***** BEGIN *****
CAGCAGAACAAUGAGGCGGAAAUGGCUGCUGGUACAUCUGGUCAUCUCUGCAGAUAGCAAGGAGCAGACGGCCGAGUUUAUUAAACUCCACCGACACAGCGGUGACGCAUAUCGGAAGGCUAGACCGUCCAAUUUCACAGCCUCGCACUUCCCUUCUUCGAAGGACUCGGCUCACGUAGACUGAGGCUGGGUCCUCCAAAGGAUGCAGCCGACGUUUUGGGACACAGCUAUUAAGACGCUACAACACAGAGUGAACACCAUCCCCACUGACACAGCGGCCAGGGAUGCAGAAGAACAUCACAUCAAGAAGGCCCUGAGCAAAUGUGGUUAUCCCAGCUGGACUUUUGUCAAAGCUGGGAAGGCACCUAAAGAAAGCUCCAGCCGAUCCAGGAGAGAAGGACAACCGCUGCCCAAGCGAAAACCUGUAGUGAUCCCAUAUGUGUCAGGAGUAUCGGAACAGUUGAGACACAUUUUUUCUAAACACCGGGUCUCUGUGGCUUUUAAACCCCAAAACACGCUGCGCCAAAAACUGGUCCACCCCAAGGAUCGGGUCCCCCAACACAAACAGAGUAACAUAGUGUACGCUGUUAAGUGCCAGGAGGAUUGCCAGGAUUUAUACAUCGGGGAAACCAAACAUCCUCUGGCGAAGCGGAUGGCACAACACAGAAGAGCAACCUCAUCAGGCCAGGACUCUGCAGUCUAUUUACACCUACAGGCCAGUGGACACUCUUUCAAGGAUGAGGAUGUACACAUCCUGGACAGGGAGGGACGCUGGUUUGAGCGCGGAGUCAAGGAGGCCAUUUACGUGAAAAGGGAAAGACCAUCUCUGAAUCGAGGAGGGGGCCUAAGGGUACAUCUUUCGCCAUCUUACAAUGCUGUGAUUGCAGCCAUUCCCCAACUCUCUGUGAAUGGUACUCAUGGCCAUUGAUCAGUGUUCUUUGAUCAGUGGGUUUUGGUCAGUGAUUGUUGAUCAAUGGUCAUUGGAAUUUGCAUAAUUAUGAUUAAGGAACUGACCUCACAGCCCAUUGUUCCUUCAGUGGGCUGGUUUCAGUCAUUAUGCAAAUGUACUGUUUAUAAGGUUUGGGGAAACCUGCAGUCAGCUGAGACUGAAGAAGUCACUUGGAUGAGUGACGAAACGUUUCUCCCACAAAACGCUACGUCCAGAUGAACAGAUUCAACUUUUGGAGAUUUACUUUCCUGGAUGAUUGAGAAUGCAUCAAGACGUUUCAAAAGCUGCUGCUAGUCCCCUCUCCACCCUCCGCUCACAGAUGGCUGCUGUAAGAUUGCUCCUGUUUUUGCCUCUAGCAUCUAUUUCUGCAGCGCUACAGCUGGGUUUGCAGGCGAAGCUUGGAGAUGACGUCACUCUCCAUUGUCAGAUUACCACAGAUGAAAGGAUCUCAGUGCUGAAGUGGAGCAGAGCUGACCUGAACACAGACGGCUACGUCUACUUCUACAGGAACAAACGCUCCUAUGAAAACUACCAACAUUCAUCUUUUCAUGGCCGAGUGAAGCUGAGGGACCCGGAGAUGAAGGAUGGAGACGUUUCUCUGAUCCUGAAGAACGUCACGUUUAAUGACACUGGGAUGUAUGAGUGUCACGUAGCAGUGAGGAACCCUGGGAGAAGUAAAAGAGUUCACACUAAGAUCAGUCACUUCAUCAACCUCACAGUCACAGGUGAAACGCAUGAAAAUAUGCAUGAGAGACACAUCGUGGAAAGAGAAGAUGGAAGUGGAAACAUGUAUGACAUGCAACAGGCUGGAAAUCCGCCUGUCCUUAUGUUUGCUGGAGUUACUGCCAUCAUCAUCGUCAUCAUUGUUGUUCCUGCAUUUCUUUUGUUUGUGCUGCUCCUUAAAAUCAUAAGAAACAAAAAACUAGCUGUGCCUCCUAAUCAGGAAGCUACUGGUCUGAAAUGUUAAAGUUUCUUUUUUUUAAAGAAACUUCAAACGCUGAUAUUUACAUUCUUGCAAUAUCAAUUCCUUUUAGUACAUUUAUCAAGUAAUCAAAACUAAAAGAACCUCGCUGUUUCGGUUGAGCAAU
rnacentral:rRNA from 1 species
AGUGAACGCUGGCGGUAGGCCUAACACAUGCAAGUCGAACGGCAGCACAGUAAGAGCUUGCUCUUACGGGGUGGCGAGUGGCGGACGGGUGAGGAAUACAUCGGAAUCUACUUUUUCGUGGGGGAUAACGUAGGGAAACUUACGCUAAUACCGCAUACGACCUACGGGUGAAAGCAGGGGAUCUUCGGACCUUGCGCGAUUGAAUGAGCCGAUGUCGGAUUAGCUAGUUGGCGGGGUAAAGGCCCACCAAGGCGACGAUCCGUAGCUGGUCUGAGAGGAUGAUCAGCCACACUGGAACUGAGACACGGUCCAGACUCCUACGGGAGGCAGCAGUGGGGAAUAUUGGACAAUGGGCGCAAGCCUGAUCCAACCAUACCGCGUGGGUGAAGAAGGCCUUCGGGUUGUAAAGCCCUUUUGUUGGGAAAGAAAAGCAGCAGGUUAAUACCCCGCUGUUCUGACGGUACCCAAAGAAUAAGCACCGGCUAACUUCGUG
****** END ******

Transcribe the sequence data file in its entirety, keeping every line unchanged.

CAGCAGAACAAUGAGGCGGAAAUGGCUGCUGGUACAUCUGGUCAUCUCUGCAGAUAGCAAGGAGCAGACGGCCGAGUUUAUUAAACUCCACCGACACAGCGGUGACGCAUAUCGGAAGGCUAGACCGUCCAAUUUCACAGCCUCGCACUUCCCUUCUUCGAAGGACUCGGCUCACGUAGACUGAGGCUGGGUCCUCCAAAGGAUGCAGCCGACGUUUUGGGACACAGCUAUUAAGACGCUACAACACAGAGUGAACACCAUCCCCACUGACACAGCGGCCAGGGAUGCAGAAGAACAUCACAUCAAGAAGGCCCUGAGCAAAUGUGGUUAUCCCAGCUGGACUUUUGUCAAAGCUGGGAAGGCACCUAAAGAAAGCUCCAGCCGAUCCAGGAGAGAAGGACAACCGCUGCCCAAGCGAAAACCUGUAGUGAUCCCAUAUGUGUCAGGAGUAUCGGAACAGUUGAGACACAUUUUUUCUAAACACCGGGUCUCUGUGGCUUUUAAACCCCAAAACACGCUGCGCCAAAAACUGGUCCACCCCAAGGAUCGGGUCCCCCAACACAAACAGAGUAACAUAGUGUACGCUGUUAAGUGCCAGGAGGAUUGCCAGGAUUUAUACAUCGGGGAAACCAAACAUCCUCUGGCGAAGCGGAUGGCACAACACAGAAGAGCAACCUCAUCAGGCCAGGACUCUGCAGUCUAUUUACACCUACAGGCCAGUGGACACUCUUUCAAGGAUGAGGAUGUACACAUCCUGGACAGGGAGGGACGCUGGUUUGAGCGCGGAGUCAAGGAGGCCAUUUACGUGAAAAGGGAAAGACCAUCUCUGAAUCGAGGAGGGGGCCUAAGGGUACAUCUUUCGCCAUCUUACAAUGCUGUGAUUGCAGCCAUUCCCCAACUCUCUGUGAAUGGUACUCAUGGCCAUUGAUCAGUGUUCUUUGAUCAGUGGGUUUUGGUCAGUGAUUGUUGAUCAAUGGUCAUUGGAAUUUGCAUAAUUAUGAUUAAGGAACUGACCUCACAGCCCAUUGUUCCUUCAGUGGGCUGGUUUCAGUCAUUAUGCAAAUGUACUGUUUAUAAGGUUUGGGGAAACCUGCAGUCAGCUGAGACUGAAGAAGUCACUUGGAUGAGUGACGAAACGUUUCUCCCACAAAACGCUACGUCCAGAUGAACAGAUUCAACUUUUGGAGAUUUACUUUCCUGGAUGAUUGAGAAUGCAUCAAGACGUUUCAAAAGCUGCUGCUAGUCCCCUCUCCACCCUCCGCUCACAGAUGGCUGCUGUAAGAUUGCUCCUGUUUUUGCCUCUAGCAUCUAUUUCUGCAGCGCUACAGCUGGGUUUGCAGGCGAAGCUUGGAGAUGACGUCACUCUCCAUUGUCAGAUUACCACAGAUGAAAGGAUCUCAGUGCUGAAGUGGAGCAGAGCUGACCUGAACACAGACGGCUACGUCUACUUCUACAGGAACAAACGCUCCUAUGAAAACUACCAACAUUCAUCUUUUCAUGGCCGAGUGAAGCUGAGGGACCCGGAGAUGAAGGAUGGAGACGUUUCUCUGAUCCUGAAGAACGUCACGUUUAAUGACACUGGGAUGUAUGAGUGUCACGUAGCAGUGAGGAACCCUGGGAGAAGUAAAAGAGUUCACACUAAGAUCAGUCACUUCAUCAACCUCACAGUCACAGGUGAAACGCAUGAAAAUAUGCAUGAGAGACACAUCGUGGAAAGAGAAGAUGGAAGUGGAAACAUGUAUGACAUGCAACAGGCUGGAAAUCCGCCUGUCCUUAUGUUUGCUGGAGUUACUGCCAUCAUCAUCGUCAUCAUUGUUGUUCCUGCAUUUCUUUUGUUUGUGCUGCUCCUUAAAAUCAUAAGAAACAAAAAACUAGCUGUGCCUCCUAAUCAGGAAGCUACUGGUCUGAAAUGUUAAAGUUUCUUUUUUUUAAAGAAACUUCAAACGCUGAUAUUUACAUUCUUGCAAUAUCAAUUCCUUUUAGUACAUUUAUCAAGUAAUCAAAACUAAAAGAACCUCGCUGUUUCGGUUGAGCAAU
rnacentral:rRNA from 1 species
AGUGAACGCUGGCGGUAGGCCUAACACAUGCAAGUCGAACGGCAGCACAGUAAGAGCUUGCUCUUACGGGGUGGCGAGUGGCGGACGGGUGAGGAAUACAUCGGAAUCUACUUUUUCGUGGGGGAUAACGUAGGGAAACUUACGCUAAUACCGCAUACGACCUACGGGUGAAAGCAGGGGAUCUUCGGACCUUGCGCGAUUGAAUGAGCCGAUGUCGGAUUAGCUAGUUGGCGGGGUAAAGGCCCACCAAGGCGACGAUCCGUAGCUGGUCUGAGAGGAUGAUCAGCCACACUGGAACUGAGACACGGUCCAGACUCCUACGGGAGGCAGCAGUGGGGAAUAUUGGACAAUGGGCGCAAGCCUGAUCCAACCAUACCGCGUGGGUGAAGAAGGCCUUCGGGUUGUAAAGCCCUUUUGUUGGGAAAGAAAAGCAGCAGGUUAAUACCCCGCUGUUCUGACGGUACCCAAAGAAUAAGCACCGGCUAACUUCGUG